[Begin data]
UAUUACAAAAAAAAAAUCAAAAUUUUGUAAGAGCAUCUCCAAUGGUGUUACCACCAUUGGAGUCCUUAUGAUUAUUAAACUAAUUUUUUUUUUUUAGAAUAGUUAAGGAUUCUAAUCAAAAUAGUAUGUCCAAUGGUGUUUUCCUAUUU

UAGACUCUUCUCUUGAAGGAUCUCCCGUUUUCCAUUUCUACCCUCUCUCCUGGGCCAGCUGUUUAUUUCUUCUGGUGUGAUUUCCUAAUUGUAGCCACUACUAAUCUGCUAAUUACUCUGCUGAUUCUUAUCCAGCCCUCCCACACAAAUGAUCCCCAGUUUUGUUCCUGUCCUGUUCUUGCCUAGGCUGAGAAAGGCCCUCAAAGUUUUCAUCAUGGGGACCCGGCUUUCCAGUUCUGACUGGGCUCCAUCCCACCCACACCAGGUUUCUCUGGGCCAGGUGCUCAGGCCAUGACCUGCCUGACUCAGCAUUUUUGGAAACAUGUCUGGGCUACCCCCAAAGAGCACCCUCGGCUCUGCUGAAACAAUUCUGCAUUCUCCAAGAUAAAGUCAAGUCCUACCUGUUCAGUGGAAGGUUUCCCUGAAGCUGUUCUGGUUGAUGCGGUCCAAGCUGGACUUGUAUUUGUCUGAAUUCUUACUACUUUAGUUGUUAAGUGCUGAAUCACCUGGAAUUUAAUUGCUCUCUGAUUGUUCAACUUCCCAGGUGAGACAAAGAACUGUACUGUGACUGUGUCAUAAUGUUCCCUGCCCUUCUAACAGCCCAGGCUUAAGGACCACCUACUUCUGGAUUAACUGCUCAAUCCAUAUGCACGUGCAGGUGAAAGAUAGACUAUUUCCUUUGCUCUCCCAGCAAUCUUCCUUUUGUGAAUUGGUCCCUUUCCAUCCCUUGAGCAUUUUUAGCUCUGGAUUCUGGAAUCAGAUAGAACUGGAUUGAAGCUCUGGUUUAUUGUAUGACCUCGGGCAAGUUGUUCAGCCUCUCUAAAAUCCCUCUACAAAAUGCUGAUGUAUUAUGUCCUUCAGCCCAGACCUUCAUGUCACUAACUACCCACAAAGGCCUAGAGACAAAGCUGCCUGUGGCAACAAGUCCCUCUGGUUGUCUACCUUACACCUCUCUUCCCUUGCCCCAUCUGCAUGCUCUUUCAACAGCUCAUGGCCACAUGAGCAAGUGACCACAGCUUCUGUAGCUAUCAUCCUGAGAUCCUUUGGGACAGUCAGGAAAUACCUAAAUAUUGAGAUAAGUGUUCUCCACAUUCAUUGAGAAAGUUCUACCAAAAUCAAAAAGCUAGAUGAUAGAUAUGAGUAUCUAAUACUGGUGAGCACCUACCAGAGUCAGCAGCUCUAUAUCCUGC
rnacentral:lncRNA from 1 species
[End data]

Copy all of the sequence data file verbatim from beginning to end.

UAUUACAAAAAAAAAAUCAAAAUUUUGUAAGAGCAUCUCCAAUGGUGUUACCACCAUUGGAGUCCUUAUGAUUAUUAAACUAAUUUUUUUUUUUUAGAAUAGUUAAGGAUUCUAAUCAAAAUAGUAUGUCCAAUGGUGUUUUCCUAUUU

UAGACUCUUCUCUUGAAGGAUCUCCCGUUUUCCAUUUCUACCCUCUCUCCUGGGCCAGCUGUUUAUUUCUUCUGGUGUGAUUUCCUAAUUGUAGCCACUACUAAUCUGCUAAUUACUCUGCUGAUUCUUAUCCAGCCCUCCCACACAAAUGAUCCCCAGUUUUGUUCCUGUCCUGUUCUUGCCUAGGCUGAGAAAGGCCCUCAAAGUUUUCAUCAUGGGGACCCGGCUUUCCAGUUCUGACUGGGCUCCAUCCCACCCACACCAGGUUUCUCUGGGCCAGGUGCUCAGGCCAUGACCUGCCUGACUCAGCAUUUUUGGAAACAUGUCUGGGCUACCCCCAAAGAGCACCCUCGGCUCUGCUGAAACAAUUCUGCAUUCUCCAAGAUAAAGUCAAGUCCUACCUGUUCAGUGGAAGGUUUCCCUGAAGCUGUUCUGGUUGAUGCGGUCCAAGCUGGACUUGUAUUUGUCUGAAUUCUUACUACUUUAGUUGUUAAGUGCUGAAUCACCUGGAAUUUAAUUGCUCUCUGAUUGUUCAACUUCCCAGGUGAGACAAAGAACUGUACUGUGACUGUGUCAUAAUGUUCCCUGCCCUUCUAACAGCCCAGGCUUAAGGACCACCUACUUCUGGAUUAACUGCUCAAUCCAUAUGCACGUGCAGGUGAAAGAUAGACUAUUUCCUUUGCUCUCCCAGCAAUCUUCCUUUUGUGAAUUGGUCCCUUUCCAUCCCUUGAGCAUUUUUAGCUCUGGAUUCUGGAAUCAGAUAGAACUGGAUUGAAGCUCUGGUUUAUUGUAUGACCUCGGGCAAGUUGUUCAGCCUCUCUAAAAUCCCUCUACAAAAUGCUGAUGUAUUAUGUCCUUCAGCCCAGACCUUCAUGUCACUAACUACCCACAAAGGCCUAGAGACAAAGCUGCCUGUGGCAACAAGUCCCUCUGGUUGUCUACCUUACACCUCUCUUCCCUUGCCCCAUCUGCAUGCUCUUUCAACAGCUCAUGGCCACAUGAGCAAGUGACCACAGCUUCUGUAGCUAUCAUCCUGAGAUCCUUUGGGACAGUCAGGAAAUACCUAAAUAUUGAGAUAAGUGUUCUCCACAUUCAUUGAGAAAGUUCUACCAAAAUCAAAAAGCUAGAUGAUAGAUAUGAGUAUCUAAUACUGGUGAGCACCUACCAGAGUCAGCAGCUCUAUAUCCUGC
rnacentral:lncRNA from 1 species